Restructuring Arrangements

Forbearance techniques include: a switch to an interest only mortgage; a reduction in the payment amount; a temporary deferral of payment; extending the term of the mortgage; and capitalising arrears amounts and related interest. The figures also include advanced modification options such as split mortgages and trade-down mortgages, which have been introduced to provide more long-term solutions for customers in difficulty.

A total stock of 120,398 PDH mortgage accounts were categorised as restructured at end-June 2017. This reflects a reduction of 496 accounts compared to end-March 2017. The share of interest only arrangements and reduced payment arrangements fell further during Q2, to 10 per cent, indicating a continuing move out of short-term arrangements.

In contrast, arrears capitalisations and permanent split mortgages increased over the quarter and continued to account for the largest shares of restructured accounts at 33 per cent and 23 per cent, respectively, at end-June. A breakdown of restructured mortgages by type is presented in Figure 2.

A total of 7,060 new restructure arrangements were agreed during the second quarter of 2017, the lowest figure recorded since end-September 2012. The data on arrears and restructures indicate that of the total stock of 73,706 PDH accounts that were in arrears at end-June, 25,555 (35 per cent) were classified as restructured at that time. Of the total stock of 51,750 PDH accounts that were in arrears of more than 90 days, 27 per cent were classified as restructured; unchanged over the quarter.

Some 79 per cent of restructured accounts were not in arrears at end-June 2017. Restructured accounts in arrears include accounts that were in arrears prior to restructuring where the arrears balance has not yet been eliminated, as well as accounts that are in arrears on the current restructuring arrangement. At end-June, 87 per cent of restructured PDH accounts were deemed to be meeting the terms of their arrangement. This means that the borrower is, at a minimum, meeting the agreed monthly repayments according to the current restructure arrangement.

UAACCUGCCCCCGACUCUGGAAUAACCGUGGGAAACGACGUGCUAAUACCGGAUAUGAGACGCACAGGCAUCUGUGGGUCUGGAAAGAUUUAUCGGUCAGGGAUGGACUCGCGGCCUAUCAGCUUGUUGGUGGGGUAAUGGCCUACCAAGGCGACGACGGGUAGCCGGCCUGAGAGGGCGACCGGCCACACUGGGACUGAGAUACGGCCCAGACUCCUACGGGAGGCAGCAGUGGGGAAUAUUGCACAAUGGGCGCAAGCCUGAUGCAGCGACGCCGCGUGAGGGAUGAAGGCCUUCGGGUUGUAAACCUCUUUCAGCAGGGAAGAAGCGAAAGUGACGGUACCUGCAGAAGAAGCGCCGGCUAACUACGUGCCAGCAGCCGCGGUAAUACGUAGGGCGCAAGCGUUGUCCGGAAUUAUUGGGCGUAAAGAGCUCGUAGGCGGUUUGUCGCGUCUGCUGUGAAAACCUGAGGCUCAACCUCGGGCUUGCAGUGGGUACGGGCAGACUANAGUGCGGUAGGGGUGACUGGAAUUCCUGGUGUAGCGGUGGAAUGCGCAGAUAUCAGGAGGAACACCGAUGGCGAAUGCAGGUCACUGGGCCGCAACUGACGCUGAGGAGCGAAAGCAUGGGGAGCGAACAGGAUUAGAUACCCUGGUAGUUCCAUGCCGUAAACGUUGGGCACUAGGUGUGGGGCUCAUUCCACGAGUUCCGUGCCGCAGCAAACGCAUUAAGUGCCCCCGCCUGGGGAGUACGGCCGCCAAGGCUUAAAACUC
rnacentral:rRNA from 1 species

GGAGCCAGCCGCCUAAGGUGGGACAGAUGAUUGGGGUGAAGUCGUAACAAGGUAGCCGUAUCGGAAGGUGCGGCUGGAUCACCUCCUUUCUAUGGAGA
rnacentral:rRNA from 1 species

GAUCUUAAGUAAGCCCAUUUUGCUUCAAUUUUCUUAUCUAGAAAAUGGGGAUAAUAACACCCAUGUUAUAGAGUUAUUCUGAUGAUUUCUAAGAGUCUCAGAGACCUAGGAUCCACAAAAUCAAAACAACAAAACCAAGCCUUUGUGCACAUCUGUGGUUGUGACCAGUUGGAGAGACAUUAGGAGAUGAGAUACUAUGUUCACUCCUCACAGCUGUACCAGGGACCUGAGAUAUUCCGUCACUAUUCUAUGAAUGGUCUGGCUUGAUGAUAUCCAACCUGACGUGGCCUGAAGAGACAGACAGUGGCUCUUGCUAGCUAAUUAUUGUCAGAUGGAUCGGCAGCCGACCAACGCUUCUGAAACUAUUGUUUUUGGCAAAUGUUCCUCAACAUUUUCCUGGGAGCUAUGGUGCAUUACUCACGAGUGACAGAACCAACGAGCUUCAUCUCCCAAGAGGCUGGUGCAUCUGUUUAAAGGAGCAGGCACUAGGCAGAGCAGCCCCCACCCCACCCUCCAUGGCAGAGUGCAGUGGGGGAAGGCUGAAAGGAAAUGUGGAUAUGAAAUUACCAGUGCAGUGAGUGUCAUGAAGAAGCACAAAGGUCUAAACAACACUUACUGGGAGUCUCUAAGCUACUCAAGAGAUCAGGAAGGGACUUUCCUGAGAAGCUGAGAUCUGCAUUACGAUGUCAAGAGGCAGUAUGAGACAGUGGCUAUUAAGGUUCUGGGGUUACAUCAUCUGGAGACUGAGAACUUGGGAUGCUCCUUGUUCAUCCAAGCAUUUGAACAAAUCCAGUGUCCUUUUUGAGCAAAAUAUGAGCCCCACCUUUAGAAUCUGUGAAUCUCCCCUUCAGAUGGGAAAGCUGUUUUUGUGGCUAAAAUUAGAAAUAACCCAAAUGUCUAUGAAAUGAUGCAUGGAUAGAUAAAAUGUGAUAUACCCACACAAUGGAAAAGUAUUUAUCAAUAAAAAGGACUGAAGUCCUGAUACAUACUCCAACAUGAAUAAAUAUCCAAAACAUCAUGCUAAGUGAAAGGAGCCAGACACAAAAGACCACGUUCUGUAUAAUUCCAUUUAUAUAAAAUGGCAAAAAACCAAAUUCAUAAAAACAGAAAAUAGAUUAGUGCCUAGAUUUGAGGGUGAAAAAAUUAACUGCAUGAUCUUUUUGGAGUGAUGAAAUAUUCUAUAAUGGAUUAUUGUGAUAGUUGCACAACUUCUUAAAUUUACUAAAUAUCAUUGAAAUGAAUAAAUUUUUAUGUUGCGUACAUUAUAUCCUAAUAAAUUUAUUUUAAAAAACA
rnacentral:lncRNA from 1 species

It is important to note that ‘meeting the terms of the arrangement’ is not a measure of sustainability, as not all restructure types represent longer-term sustainable solutions as defined within the Mortgage Arrears Resolution Targets. For instance, short-term interest only restructures are, in general, not part of longer-term sustainable solutions. The MART sustainability targets also include a significant number of accounts in arrears which are part of a legal process. These accounts are not classified as restructured within the Mortgage Arrears Statistics. Arrears associated with such accounts are recorded in full in the data.

Inability to meet the terms of the arrangement implies that the restructure agreement put in place may not have been suitable. Table 1 shows the percentage of restructured accounts that were deemed to be meeting the terms of their arrangement at end-June 2017, broken down by arrangement type. Lower numbers indicate a greater number of borrowers are not currently meeting terms of new arrangement; this is particularly evident amongst cases in which a permanent interest rate reduction has been granted. As the figures in Table 1 only reflect compliance with the terms of the current restructure arrangement, we should expect to see a higher percentage of compliance among the restructure types that are likely to be shorter-term.Accordingly, the figures show that of the total stock of accounts in the arrears capitalisation category, just under 22 per cent of PDH accounts are not meeting terms of current restructure arrangement, i.e. the arrears balance has increased since the arrangement was put in place.

Legal Proceedings and Repossessions